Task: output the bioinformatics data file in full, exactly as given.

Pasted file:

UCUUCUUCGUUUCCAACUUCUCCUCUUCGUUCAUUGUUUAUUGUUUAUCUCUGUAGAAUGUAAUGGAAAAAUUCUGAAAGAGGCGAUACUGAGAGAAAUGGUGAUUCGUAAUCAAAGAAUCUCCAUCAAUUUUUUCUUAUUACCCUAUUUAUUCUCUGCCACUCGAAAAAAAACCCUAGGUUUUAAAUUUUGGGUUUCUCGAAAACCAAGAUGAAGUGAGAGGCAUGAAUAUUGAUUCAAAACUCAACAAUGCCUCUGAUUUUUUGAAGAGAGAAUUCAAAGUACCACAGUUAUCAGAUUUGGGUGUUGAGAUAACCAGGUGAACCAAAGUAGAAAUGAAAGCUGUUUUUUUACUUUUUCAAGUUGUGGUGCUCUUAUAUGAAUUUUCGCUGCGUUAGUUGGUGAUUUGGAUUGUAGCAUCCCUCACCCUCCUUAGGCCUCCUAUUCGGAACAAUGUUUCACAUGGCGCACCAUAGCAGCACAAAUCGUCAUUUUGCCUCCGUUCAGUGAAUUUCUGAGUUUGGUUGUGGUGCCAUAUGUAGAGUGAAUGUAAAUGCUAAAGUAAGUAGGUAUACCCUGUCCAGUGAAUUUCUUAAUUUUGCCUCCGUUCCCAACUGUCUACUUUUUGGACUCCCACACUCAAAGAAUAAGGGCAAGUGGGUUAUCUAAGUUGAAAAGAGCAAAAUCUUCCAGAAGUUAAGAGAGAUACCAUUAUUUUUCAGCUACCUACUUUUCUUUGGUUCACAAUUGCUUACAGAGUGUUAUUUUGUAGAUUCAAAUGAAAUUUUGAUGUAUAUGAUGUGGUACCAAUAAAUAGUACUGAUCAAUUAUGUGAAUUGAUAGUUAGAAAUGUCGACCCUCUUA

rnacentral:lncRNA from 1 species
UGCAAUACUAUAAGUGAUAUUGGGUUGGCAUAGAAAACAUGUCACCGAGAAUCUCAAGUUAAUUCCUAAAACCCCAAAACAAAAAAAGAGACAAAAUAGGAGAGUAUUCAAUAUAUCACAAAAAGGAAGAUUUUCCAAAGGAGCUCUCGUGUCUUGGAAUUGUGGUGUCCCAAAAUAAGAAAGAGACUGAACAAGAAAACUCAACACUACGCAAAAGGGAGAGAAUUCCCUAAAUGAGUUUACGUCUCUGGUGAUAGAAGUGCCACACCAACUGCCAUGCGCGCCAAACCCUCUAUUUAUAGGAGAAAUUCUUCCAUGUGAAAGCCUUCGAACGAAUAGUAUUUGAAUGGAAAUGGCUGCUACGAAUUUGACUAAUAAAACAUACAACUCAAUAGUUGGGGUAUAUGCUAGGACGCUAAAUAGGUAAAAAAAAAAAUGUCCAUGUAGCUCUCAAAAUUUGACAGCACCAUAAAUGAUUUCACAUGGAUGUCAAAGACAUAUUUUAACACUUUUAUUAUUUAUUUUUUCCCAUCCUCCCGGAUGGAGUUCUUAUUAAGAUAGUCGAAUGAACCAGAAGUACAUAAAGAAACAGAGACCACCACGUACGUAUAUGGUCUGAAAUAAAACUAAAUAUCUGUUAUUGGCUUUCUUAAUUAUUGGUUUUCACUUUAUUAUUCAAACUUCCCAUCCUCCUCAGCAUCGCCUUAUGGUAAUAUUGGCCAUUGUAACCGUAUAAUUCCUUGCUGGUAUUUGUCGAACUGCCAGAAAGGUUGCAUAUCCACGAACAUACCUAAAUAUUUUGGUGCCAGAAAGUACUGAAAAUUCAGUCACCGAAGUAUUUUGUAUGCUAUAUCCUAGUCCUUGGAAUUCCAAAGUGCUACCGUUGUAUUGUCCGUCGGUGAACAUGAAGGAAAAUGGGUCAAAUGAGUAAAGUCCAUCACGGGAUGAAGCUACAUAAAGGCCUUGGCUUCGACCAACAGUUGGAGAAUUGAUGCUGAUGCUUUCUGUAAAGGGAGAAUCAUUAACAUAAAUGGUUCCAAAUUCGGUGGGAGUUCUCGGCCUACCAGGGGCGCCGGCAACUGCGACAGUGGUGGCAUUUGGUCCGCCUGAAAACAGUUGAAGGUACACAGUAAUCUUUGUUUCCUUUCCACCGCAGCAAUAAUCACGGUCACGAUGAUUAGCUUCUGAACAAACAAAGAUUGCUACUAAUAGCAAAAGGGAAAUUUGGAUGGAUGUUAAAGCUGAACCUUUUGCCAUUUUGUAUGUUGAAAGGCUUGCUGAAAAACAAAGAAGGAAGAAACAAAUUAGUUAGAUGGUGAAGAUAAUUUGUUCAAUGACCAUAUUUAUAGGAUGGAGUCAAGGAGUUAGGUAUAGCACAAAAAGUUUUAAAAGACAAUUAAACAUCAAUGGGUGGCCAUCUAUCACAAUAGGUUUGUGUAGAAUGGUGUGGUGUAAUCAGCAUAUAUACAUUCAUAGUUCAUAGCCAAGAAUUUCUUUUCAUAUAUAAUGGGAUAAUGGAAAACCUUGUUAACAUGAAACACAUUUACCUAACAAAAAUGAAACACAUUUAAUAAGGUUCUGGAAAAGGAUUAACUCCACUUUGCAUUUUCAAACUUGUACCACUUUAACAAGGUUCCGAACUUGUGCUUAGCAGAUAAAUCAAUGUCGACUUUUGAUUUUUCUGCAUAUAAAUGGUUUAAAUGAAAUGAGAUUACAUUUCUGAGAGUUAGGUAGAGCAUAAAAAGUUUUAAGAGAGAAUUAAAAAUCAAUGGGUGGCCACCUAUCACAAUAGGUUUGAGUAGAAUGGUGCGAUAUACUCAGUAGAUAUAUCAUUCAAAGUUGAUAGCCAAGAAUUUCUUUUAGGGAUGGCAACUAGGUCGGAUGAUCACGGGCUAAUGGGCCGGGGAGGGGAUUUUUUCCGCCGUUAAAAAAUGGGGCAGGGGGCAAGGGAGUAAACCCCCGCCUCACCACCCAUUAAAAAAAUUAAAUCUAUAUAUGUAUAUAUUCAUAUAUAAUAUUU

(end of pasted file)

UCUUCUUCGUUUCCAACUUCUCCUCUUCGUUCAUUGUUUAUUGUUUAUCUCUGUAGAAUGUAAUGGAAAAAUUCUGAAAGAGGCGAUACUGAGAGAAAUGGUGAUUCGUAAUCAAAGAAUCUCCAUCAAUUUUUUCUUAUUACCCUAUUUAUUCUCUGCCACUCGAAAAAAAACCCUAGGUUUUAAAUUUUGGGUUUCUCGAAAACCAAGAUGAAGUGAGAGGCAUGAAUAUUGAUUCAAAACUCAACAAUGCCUCUGAUUUUUUGAAGAGAGAAUUCAAAGUACCACAGUUAUCAGAUUUGGGUGUUGAGAUAACCAGGUGAACCAAAGUAGAAAUGAAAGCUGUUUUUUUACUUUUUCAAGUUGUGGUGCUCUUAUAUGAAUUUUCGCUGCGUUAGUUGGUGAUUUGGAUUGUAGCAUCCCUCACCCUCCUUAGGCCUCCUAUUCGGAACAAUGUUUCACAUGGCGCACCAUAGCAGCACAAAUCGUCAUUUUGCCUCCGUUCAGUGAAUUUCUGAGUUUGGUUGUGGUGCCAUAUGUAGAGUGAAUGUAAAUGCUAAAGUAAGUAGGUAUACCCUGUCCAGUGAAUUUCUUAAUUUUGCCUCCGUUCCCAACUGUCUACUUUUUGGACUCCCACACUCAAAGAAUAAGGGCAAGUGGGUUAUCUAAGUUGAAAAGAGCAAAAUCUUCCAGAAGUUAAGAGAGAUACCAUUAUUUUUCAGCUACCUACUUUUCUUUGGUUCACAAUUGCUUACAGAGUGUUAUUUUGUAGAUUCAAAUGAAAUUUUGAUGUAUAUGAUGUGGUACCAAUAAAUAGUACUGAUCAAUUAUGUGAAUUGAUAGUUAGAAAUGUCGACCCUCUUA

rnacentral:lncRNA from 1 species
UGCAAUACUAUAAGUGAUAUUGGGUUGGCAUAGAAAACAUGUCACCGAGAAUCUCAAGUUAAUUCCUAAAACCCCAAAACAAAAAAAGAGACAAAAUAGGAGAGUAUUCAAUAUAUCACAAAAAGGAAGAUUUUCCAAAGGAGCUCUCGUGUCUUGGAAUUGUGGUGUCCCAAAAUAAGAAAGAGACUGAACAAGAAAACUCAACACUACGCAAAAGGGAGAGAAUUCCCUAAAUGAGUUUACGUCUCUGGUGAUAGAAGUGCCACACCAACUGCCAUGCGCGCCAAACCCUCUAUUUAUAGGAGAAAUUCUUCCAUGUGAAAGCCUUCGAACGAAUAGUAUUUGAAUGGAAAUGGCUGCUACGAAUUUGACUAAUAAAACAUACAACUCAAUAGUUGGGGUAUAUGCUAGGACGCUAAAUAGGUAAAAAAAAAAAUGUCCAUGUAGCUCUCAAAAUUUGACAGCACCAUAAAUGAUUUCACAUGGAUGUCAAAGACAUAUUUUAACACUUUUAUUAUUUAUUUUUUCCCAUCCUCCCGGAUGGAGUUCUUAUUAAGAUAGUCGAAUGAACCAGAAGUACAUAAAGAAACAGAGACCACCACGUACGUAUAUGGUCUGAAAUAAAACUAAAUAUCUGUUAUUGGCUUUCUUAAUUAUUGGUUUUCACUUUAUUAUUCAAACUUCCCAUCCUCCUCAGCAUCGCCUUAUGGUAAUAUUGGCCAUUGUAACCGUAUAAUUCCUUGCUGGUAUUUGUCGAACUGCCAGAAAGGUUGCAUAUCCACGAACAUACCUAAAUAUUUUGGUGCCAGAAAGUACUGAAAAUUCAGUCACCGAAGUAUUUUGUAUGCUAUAUCCUAGUCCUUGGAAUUCCAAAGUGCUACCGUUGUAUUGUCCGUCGGUGAACAUGAAGGAAAAUGGGUCAAAUGAGUAAAGUCCAUCACGGGAUGAAGCUACAUAAAGGCCUUGGCUUCGACCAACAGUUGGAGAAUUGAUGCUGAUGCUUUCUGUAAAGGGAGAAUCAUUAACAUAAAUGGUUCCAAAUUCGGUGGGAGUUCUCGGCCUACCAGGGGCGCCGGCAACUGCGACAGUGGUGGCAUUUGGUCCGCCUGAAAACAGUUGAAGGUACACAGUAAUCUUUGUUUCCUUUCCACCGCAGCAAUAAUCACGGUCACGAUGAUUAGCUUCUGAACAAACAAAGAUUGCUACUAAUAGCAAAAGGGAAAUUUGGAUGGAUGUUAAAGCUGAACCUUUUGCCAUUUUGUAUGUUGAAAGGCUUGCUGAAAAACAAAGAAGGAAGAAACAAAUUAGUUAGAUGGUGAAGAUAAUUUGUUCAAUGACCAUAUUUAUAGGAUGGAGUCAAGGAGUUAGGUAUAGCACAAAAAGUUUUAAAAGACAAUUAAACAUCAAUGGGUGGCCAUCUAUCACAAUAGGUUUGUGUAGAAUGGUGUGGUGUAAUCAGCAUAUAUACAUUCAUAGUUCAUAGCCAAGAAUUUCUUUUCAUAUAUAAUGGGAUAAUGGAAAACCUUGUUAACAUGAAACACAUUUACCUAACAAAAAUGAAACACAUUUAAUAAGGUUCUGGAAAAGGAUUAACUCCACUUUGCAUUUUCAAACUUGUACCACUUUAACAAGGUUCCGAACUUGUGCUUAGCAGAUAAAUCAAUGUCGACUUUUGAUUUUUCUGCAUAUAAAUGGUUUAAAUGAAAUGAGAUUACAUUUCUGAGAGUUAGGUAGAGCAUAAAAAGUUUUAAGAGAGAAUUAAAAAUCAAUGGGUGGCCACCUAUCACAAUAGGUUUGAGUAGAAUGGUGCGAUAUACUCAGUAGAUAUAUCAUUCAAAGUUGAUAGCCAAGAAUUUCUUUUAGGGAUGGCAACUAGGUCGGAUGAUCACGGGCUAAUGGGCCGGGGAGGGGAUUUUUUCCGCCGUUAAAAAAUGGGGCAGGGGGCAAGGGAGUAAACCCCCGCCUCACCACCCAUUAAAAAAAUUAAAUCUAUAUAUGUAUAUAUUCAUAUAUAAUAUUU